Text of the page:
She will be tremendously missed by faculty, students, staff and administrators from UGA, and by Shakespeareans and Writing faculty worldwide. Her husband is not able to answer all the phone calls this note might elicit, but he would welcome email or letters from Christy’s colleagues. The UGA Department of English would also like to gather memories from students and colleagues in our annual newsletter. Please send your thoughts to Dr. Roxanne Eberle (eberle at uga dot edu). And please adhere to Christy’s own request during her illness this summer: “No food, no plants.” Plans for a memorial are not yet finalized, but it seems likely that there will be some sort of secular service at UGA, probably towards the end of September, and perhaps a Shakespearean gathering in Washington, DC, in the Spring. 


Sujata Iyengar

Announcement – BSF King John Performance

The Shakespeare Conference: SHK 29.0262  Monday, 30 July 2018


From:       Michael Luskin <This email address is being protected from spambots. You need JavaScript enabled to view it.>

Date:        July 30, 2018 at 9:27 AM EDT

Subject:   Announcement – BSF King John Performance


I drove down to Baltimore yesterday afternoon to see the BSF King John. Excellent, even surprisingly excellent. They do five or six plays a year, and, if this is representative of their quality, it is well worth while to go to Baltimore to attend them.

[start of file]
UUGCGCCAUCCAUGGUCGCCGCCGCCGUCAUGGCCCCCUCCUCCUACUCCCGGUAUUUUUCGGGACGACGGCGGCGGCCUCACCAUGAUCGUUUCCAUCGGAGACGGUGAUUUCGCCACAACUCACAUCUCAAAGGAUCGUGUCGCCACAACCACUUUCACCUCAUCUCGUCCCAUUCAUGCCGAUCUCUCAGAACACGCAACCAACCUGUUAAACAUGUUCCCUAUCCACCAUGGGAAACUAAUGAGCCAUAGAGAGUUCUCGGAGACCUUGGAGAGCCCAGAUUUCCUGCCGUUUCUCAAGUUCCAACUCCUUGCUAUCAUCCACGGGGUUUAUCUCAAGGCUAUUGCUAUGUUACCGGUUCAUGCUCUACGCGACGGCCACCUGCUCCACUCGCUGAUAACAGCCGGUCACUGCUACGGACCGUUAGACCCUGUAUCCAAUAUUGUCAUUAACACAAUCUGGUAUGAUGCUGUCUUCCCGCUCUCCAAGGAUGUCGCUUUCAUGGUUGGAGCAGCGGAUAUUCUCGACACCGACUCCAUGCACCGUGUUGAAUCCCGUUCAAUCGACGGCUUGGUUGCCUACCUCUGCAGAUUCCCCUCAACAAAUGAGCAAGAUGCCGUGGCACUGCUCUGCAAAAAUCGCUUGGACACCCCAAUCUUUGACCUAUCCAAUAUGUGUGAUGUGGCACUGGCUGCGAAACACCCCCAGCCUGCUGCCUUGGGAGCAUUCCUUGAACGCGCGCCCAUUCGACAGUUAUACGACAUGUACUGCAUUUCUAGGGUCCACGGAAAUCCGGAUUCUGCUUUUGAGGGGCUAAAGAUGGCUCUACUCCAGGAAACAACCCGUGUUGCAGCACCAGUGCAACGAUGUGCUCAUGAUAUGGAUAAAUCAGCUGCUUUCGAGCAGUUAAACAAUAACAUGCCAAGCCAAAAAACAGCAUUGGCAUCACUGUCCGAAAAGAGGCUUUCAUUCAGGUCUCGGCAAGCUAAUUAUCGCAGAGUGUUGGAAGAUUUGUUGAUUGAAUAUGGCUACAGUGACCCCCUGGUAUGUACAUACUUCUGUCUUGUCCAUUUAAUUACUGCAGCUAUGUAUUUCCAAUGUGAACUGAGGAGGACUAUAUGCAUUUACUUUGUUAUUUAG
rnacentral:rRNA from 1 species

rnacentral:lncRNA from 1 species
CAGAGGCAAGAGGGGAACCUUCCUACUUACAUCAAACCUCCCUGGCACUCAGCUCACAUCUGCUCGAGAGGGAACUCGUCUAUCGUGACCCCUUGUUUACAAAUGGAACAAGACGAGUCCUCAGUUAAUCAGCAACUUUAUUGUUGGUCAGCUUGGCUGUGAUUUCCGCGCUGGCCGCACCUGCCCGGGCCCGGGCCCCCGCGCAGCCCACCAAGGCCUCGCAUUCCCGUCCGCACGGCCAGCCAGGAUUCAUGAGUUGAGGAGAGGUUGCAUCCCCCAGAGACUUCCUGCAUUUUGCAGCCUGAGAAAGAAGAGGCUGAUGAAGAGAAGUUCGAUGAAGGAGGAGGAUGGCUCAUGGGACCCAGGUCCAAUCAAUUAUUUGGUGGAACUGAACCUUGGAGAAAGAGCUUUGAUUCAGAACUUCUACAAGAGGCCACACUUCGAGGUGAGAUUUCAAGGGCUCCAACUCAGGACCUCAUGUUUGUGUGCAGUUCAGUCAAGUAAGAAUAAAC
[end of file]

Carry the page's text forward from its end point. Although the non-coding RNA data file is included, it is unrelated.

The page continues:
Plays are presented in a more or less deconsecrated church, with poor acoustics, which they are working on. Interesting neighborhood. Seating in pews with good cushions. Quite comfortable. Raised stage, raised pews on sides, all good sight lines.  


Very good all professional cast. Innovative staging that repeatedly involves members of the audience. And walking into the audience. Slightly uncomfortable with agitated characters walking around in the audience. An actor was gesticulating with a real-looking knife far too close to my head and neck for me to be completely comfortable.  


The audience was tiny, only 21 people. Perhaps that was due to a Sunday afternoon in late July, the first sunny day in more than a week. Tickets are very reasonable.  


I will go back! And I recommend that other people within a comfortable ride of North Baltimore look at their web site.